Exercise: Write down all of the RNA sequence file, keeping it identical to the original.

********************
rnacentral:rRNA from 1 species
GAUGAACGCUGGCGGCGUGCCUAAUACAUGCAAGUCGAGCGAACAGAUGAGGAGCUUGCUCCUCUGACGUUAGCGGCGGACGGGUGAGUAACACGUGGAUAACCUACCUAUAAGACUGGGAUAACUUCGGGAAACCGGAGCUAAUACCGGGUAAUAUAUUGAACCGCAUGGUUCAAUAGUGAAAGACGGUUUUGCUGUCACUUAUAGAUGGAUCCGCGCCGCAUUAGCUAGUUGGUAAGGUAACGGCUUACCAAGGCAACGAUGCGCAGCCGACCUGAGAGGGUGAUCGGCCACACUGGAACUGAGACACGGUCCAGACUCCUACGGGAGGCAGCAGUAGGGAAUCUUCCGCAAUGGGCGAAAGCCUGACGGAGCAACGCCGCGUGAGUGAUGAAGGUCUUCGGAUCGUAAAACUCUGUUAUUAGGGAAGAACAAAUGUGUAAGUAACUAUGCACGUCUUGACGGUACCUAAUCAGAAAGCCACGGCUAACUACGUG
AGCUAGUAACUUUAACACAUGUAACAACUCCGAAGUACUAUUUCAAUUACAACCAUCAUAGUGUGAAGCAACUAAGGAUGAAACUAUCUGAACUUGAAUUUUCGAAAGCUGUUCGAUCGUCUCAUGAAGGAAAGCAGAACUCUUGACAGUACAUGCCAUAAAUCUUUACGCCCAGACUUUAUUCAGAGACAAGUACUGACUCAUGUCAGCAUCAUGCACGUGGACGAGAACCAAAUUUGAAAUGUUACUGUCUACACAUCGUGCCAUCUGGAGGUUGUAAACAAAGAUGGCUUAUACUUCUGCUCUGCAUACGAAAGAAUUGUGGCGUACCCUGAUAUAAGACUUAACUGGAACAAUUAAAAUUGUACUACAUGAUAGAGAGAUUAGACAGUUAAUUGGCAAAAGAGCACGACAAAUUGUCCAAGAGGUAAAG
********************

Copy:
rnacentral:rRNA from 1 species
GAUGAACGCUGGCGGCGUGCCUAAUACAUGCAAGUCGAGCGAACAGAUGAGGAGCUUGCUCCUCUGACGUUAGCGGCGGACGGGUGAGUAACACGUGGAUAACCUACCUAUAAGACUGGGAUAACUUCGGGAAACCGGAGCUAAUACCGGGUAAUAUAUUGAACCGCAUGGUUCAAUAGUGAAAGACGGUUUUGCUGUCACUUAUAGAUGGAUCCGCGCCGCAUUAGCUAGUUGGUAAGGUAACGGCUUACCAAGGCAACGAUGCGCAGCCGACCUGAGAGGGUGAUCGGCCACACUGGAACUGAGACACGGUCCAGACUCCUACGGGAGGCAGCAGUAGGGAAUCUUCCGCAAUGGGCGAAAGCCUGACGGAGCAACGCCGCGUGAGUGAUGAAGGUCUUCGGAUCGUAAAACUCUGUUAUUAGGGAAGAACAAAUGUGUAAGUAACUAUGCACGUCUUGACGGUACCUAAUCAGAAAGCCACGGCUAACUACGUG
AGCUAGUAACUUUAACACAUGUAACAACUCCGAAGUACUAUUUCAAUUACAACCAUCAUAGUGUGAAGCAACUAAGGAUGAAACUAUCUGAACUUGAAUUUUCGAAAGCUGUUCGAUCGUCUCAUGAAGGAAAGCAGAACUCUUGACAGUACAUGCCAUAAAUCUUUACGCCCAGACUUUAUUCAGAGACAAGUACUGACUCAUGUCAGCAUCAUGCACGUGGACGAGAACCAAAUUUGAAAUGUUACUGUCUACACAUCGUGCCAUCUGGAGGUUGUAAACAAAGAUGGCUUAUACUUCUGCUCUGCAUACGAAAGAAUUGUGGCGUACCCUGAUAUAAGACUUAACUGGAACAAUUAAAAUUGUACUACAUGAUAGAGAGAUUAGACAGUUAAUUGGCAAAAGAGCACGACAAAUUGUCCAAGAGGUAAAG